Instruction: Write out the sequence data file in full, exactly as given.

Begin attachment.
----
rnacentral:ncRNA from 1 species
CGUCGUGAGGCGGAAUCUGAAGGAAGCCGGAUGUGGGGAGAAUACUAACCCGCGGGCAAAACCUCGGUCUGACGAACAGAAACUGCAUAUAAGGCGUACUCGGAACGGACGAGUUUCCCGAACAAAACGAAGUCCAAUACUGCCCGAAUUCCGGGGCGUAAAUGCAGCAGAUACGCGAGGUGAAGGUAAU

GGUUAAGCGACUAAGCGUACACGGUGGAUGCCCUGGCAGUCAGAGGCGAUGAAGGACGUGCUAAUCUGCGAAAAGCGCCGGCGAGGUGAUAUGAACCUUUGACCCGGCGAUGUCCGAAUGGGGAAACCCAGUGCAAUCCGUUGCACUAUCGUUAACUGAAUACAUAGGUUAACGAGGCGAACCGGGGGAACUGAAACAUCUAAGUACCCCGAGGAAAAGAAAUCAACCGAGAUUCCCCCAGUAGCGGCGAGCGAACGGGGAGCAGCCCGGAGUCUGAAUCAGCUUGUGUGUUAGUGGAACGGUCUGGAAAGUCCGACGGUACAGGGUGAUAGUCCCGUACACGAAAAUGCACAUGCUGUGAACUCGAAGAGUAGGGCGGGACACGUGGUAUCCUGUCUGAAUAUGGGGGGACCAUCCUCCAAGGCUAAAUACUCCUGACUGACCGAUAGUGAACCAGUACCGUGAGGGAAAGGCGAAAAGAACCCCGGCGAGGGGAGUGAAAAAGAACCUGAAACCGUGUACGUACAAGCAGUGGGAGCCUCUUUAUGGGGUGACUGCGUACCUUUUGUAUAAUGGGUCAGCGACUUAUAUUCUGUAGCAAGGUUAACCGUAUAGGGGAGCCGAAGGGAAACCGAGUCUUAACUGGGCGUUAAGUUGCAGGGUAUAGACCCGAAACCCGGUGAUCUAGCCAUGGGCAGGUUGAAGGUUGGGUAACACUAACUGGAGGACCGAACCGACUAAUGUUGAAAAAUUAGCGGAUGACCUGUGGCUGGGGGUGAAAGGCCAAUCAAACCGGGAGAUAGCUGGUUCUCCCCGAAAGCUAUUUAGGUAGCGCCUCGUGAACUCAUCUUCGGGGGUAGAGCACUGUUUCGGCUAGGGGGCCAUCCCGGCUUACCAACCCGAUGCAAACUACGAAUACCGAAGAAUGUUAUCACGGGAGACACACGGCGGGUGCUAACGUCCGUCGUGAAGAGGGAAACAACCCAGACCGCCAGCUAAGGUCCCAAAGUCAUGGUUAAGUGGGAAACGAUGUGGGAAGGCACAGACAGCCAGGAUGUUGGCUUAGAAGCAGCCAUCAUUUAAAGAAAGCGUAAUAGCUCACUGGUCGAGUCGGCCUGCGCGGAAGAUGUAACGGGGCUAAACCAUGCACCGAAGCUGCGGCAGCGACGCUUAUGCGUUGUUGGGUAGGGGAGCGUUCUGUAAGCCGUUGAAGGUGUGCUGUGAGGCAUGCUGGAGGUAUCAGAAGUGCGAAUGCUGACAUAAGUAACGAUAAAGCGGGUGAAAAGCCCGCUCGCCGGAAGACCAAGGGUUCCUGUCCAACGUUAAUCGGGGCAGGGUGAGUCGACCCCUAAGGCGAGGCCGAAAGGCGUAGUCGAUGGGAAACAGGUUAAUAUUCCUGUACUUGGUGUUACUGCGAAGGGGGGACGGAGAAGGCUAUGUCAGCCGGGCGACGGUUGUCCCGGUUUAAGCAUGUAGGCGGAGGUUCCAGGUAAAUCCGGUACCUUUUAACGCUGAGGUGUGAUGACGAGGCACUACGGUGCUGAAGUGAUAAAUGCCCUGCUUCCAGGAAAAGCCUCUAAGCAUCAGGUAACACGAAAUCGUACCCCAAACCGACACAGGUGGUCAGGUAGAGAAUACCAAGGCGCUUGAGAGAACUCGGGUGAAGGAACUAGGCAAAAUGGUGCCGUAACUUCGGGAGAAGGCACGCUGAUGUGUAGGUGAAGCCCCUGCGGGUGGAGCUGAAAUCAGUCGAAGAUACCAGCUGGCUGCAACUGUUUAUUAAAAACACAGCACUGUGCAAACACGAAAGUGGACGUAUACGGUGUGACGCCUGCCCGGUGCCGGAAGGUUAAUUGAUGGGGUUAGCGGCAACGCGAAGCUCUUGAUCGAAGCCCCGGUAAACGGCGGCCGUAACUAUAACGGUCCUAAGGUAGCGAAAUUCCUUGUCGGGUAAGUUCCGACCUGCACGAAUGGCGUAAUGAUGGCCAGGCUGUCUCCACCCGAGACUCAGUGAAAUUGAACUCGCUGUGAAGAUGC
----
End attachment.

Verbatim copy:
rnacentral:ncRNA from 1 species
CGUCGUGAGGCGGAAUCUGAAGGAAGCCGGAUGUGGGGAGAAUACUAACCCGCGGGCAAAACCUCGGUCUGACGAACAGAAACUGCAUAUAAGGCGUACUCGGAACGGACGAGUUUCCCGAACAAAACGAAGUCCAAUACUGCCCGAAUUCCGGGGCGUAAAUGCAGCAGAUACGCGAGGUGAAGGUAAU

GGUUAAGCGACUAAGCGUACACGGUGGAUGCCCUGGCAGUCAGAGGCGAUGAAGGACGUGCUAAUCUGCGAAAAGCGCCGGCGAGGUGAUAUGAACCUUUGACCCGGCGAUGUCCGAAUGGGGAAACCCAGUGCAAUCCGUUGCACUAUCGUUAACUGAAUACAUAGGUUAACGAGGCGAACCGGGGGAACUGAAACAUCUAAGUACCCCGAGGAAAAGAAAUCAACCGAGAUUCCCCCAGUAGCGGCGAGCGAACGGGGAGCAGCCCGGAGUCUGAAUCAGCUUGUGUGUUAGUGGAACGGUCUGGAAAGUCCGACGGUACAGGGUGAUAGUCCCGUACACGAAAAUGCACAUGCUGUGAACUCGAAGAGUAGGGCGGGACACGUGGUAUCCUGUCUGAAUAUGGGGGGACCAUCCUCCAAGGCUAAAUACUCCUGACUGACCGAUAGUGAACCAGUACCGUGAGGGAAAGGCGAAAAGAACCCCGGCGAGGGGAGUGAAAAAGAACCUGAAACCGUGUACGUACAAGCAGUGGGAGCCUCUUUAUGGGGUGACUGCGUACCUUUUGUAUAAUGGGUCAGCGACUUAUAUUCUGUAGCAAGGUUAACCGUAUAGGGGAGCCGAAGGGAAACCGAGUCUUAACUGGGCGUUAAGUUGCAGGGUAUAGACCCGAAACCCGGUGAUCUAGCCAUGGGCAGGUUGAAGGUUGGGUAACACUAACUGGAGGACCGAACCGACUAAUGUUGAAAAAUUAGCGGAUGACCUGUGGCUGGGGGUGAAAGGCCAAUCAAACCGGGAGAUAGCUGGUUCUCCCCGAAAGCUAUUUAGGUAGCGCCUCGUGAACUCAUCUUCGGGGGUAGAGCACUGUUUCGGCUAGGGGGCCAUCCCGGCUUACCAACCCGAUGCAAACUACGAAUACCGAAGAAUGUUAUCACGGGAGACACACGGCGGGUGCUAACGUCCGUCGUGAAGAGGGAAACAACCCAGACCGCCAGCUAAGGUCCCAAAGUCAUGGUUAAGUGGGAAACGAUGUGGGAAGGCACAGACAGCCAGGAUGUUGGCUUAGAAGCAGCCAUCAUUUAAAGAAAGCGUAAUAGCUCACUGGUCGAGUCGGCCUGCGCGGAAGAUGUAACGGGGCUAAACCAUGCACCGAAGCUGCGGCAGCGACGCUUAUGCGUUGUUGGGUAGGGGAGCGUUCUGUAAGCCGUUGAAGGUGUGCUGUGAGGCAUGCUGGAGGUAUCAGAAGUGCGAAUGCUGACAUAAGUAACGAUAAAGCGGGUGAAAAGCCCGCUCGCCGGAAGACCAAGGGUUCCUGUCCAACGUUAAUCGGGGCAGGGUGAGUCGACCCCUAAGGCGAGGCCGAAAGGCGUAGUCGAUGGGAAACAGGUUAAUAUUCCUGUACUUGGUGUUACUGCGAAGGGGGGACGGAGAAGGCUAUGUCAGCCGGGCGACGGUUGUCCCGGUUUAAGCAUGUAGGCGGAGGUUCCAGGUAAAUCCGGUACCUUUUAACGCUGAGGUGUGAUGACGAGGCACUACGGUGCUGAAGUGAUAAAUGCCCUGCUUCCAGGAAAAGCCUCUAAGCAUCAGGUAACACGAAAUCGUACCCCAAACCGACACAGGUGGUCAGGUAGAGAAUACCAAGGCGCUUGAGAGAACUCGGGUGAAGGAACUAGGCAAAAUGGUGCCGUAACUUCGGGAGAAGGCACGCUGAUGUGUAGGUGAAGCCCCUGCGGGUGGAGCUGAAAUCAGUCGAAGAUACCAGCUGGCUGCAACUGUUUAUUAAAAACACAGCACUGUGCAAACACGAAAGUGGACGUAUACGGUGUGACGCCUGCCCGGUGCCGGAAGGUUAAUUGAUGGGGUUAGCGGCAACGCGAAGCUCUUGAUCGAAGCCCCGGUAAACGGCGGCCGUAACUAUAACGGUCCUAAGGUAGCGAAAUUCCUUGUCGGGUAAGUUCCGACCUGCACGAAUGGCGUAAUGAUGGCCAGGCUGUCUCCACCCGAGACUCAGUGAAAUUGAACUCGCUGUGAAGAUGC